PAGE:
Through methods unknown, the misfolded prions escape the surface of the FDCs, moving into the nerves, and spread through the spinal cord and vagus nerve to the brain where the real damage begins.
The new research studied two groups of mice: 32 between six and eight weeks of age and 29 around ninety weeks old (very old for a mouse). These two groups of mice were injected with prions from a cow known to have been infected with BSE.
Dropping the baton?
Within a few months, prions had accumulated in the lymph nodes and spleen of the young mice, although they did not show any signs of disease. Over a year later, the majority of those tested showed classic signs of prion neurodegeneration.
In contrast, none of the old mice developed any clinical disease, all died of natural age-related diseases. Only one of the 29 older aged mice showed any sign of having prions in its brain and this was only in a small, localised area. Given that most of these adult mice died before the time it takes to develop prion disease, it can't be ruled out that they would have developed an infection if they'd lived long enough, although there was no evidence of any prion-related neurodegeneration.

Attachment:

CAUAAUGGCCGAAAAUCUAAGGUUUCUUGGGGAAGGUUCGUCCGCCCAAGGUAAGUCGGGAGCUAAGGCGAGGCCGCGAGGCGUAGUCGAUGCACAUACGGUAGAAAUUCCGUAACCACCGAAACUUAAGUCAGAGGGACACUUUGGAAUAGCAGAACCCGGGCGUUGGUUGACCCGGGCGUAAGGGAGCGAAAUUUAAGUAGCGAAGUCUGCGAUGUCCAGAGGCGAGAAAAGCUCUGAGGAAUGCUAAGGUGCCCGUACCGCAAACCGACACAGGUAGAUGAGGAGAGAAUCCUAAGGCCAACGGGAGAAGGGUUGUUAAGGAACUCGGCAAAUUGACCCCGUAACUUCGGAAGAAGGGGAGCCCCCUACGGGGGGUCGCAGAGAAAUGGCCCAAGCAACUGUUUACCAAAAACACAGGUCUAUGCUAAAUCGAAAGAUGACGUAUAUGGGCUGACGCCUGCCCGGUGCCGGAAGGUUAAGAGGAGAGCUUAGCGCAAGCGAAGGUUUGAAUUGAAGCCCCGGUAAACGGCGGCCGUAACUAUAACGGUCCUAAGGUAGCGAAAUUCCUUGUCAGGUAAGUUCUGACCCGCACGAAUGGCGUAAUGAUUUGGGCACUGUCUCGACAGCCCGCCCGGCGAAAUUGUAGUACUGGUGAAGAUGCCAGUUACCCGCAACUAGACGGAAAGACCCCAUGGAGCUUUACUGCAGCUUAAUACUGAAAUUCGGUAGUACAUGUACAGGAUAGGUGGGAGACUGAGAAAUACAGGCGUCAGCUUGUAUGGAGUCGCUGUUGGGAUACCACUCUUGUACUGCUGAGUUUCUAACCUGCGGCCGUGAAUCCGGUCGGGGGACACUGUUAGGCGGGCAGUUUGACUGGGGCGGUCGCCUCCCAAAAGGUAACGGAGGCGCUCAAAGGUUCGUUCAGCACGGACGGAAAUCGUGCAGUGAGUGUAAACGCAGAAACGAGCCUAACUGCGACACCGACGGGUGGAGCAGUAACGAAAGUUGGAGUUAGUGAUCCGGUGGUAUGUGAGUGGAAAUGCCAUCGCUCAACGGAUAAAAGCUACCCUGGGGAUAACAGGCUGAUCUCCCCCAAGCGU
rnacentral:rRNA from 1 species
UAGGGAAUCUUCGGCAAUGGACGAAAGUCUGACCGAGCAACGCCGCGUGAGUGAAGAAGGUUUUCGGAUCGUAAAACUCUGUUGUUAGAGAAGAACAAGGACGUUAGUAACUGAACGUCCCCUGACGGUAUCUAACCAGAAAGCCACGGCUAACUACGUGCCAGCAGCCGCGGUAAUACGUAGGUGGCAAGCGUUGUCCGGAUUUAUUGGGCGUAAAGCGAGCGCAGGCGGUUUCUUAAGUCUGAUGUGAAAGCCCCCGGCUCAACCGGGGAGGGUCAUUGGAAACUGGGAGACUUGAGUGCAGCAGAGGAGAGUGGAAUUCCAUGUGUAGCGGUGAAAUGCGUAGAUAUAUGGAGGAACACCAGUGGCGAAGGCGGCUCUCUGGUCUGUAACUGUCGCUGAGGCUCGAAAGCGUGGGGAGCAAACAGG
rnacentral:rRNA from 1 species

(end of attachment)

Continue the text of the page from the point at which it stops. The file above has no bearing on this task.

Despite there being no evidence of prions in the elderly mice's brains, there were detectable levels in their spleens, albeit at lower levels than in the younger mice. Dr Mabbott suggests that this may be because one of the relay steps is missing, or working less efficiently, in the older mice.
The research, funded by the BBSRC and the European Commission: Seventh Framework Programme (FP7) , builds on previous work that showed how the microarchitecture of the mice's spleen – part of the antigen sampling system – deteriorates with age, as do the numbers of FDCs, leaving less for the prions to replicate on.
While this study does provide us with further background into vCJD, a disease that remains much of a mystery, we need to remember that the mice being used in the study are clearly not humans, so any parallels drawn between the two species must be done carefully. That said, recent research published in the BMJ suggests that levels of abnormal vCJD prions in humans appear to be higher than we previously thought.
Researchers investigated over 30,000 stored appendix samples, removed during operations in the UK between 2000 and 2012, of which 16 showed evidence of abnormal prions. Although a small number, the authors of the paper suggest that this indicates a prevalence of 493 people per million in the UK with abnormal prions, higher than the total number of confirmed vCJD cases (177) to date.
In addition to showing the importance of ageing to susceptibility of prion disease, Dr Mabbott's work has also uncovered the effects that getting old has on the immune system. He has recently been awarded a grant from the BBSRC to further investigate the mechanisms that cause the immune system to break down, which may ultimately help to improve people's health as they get older.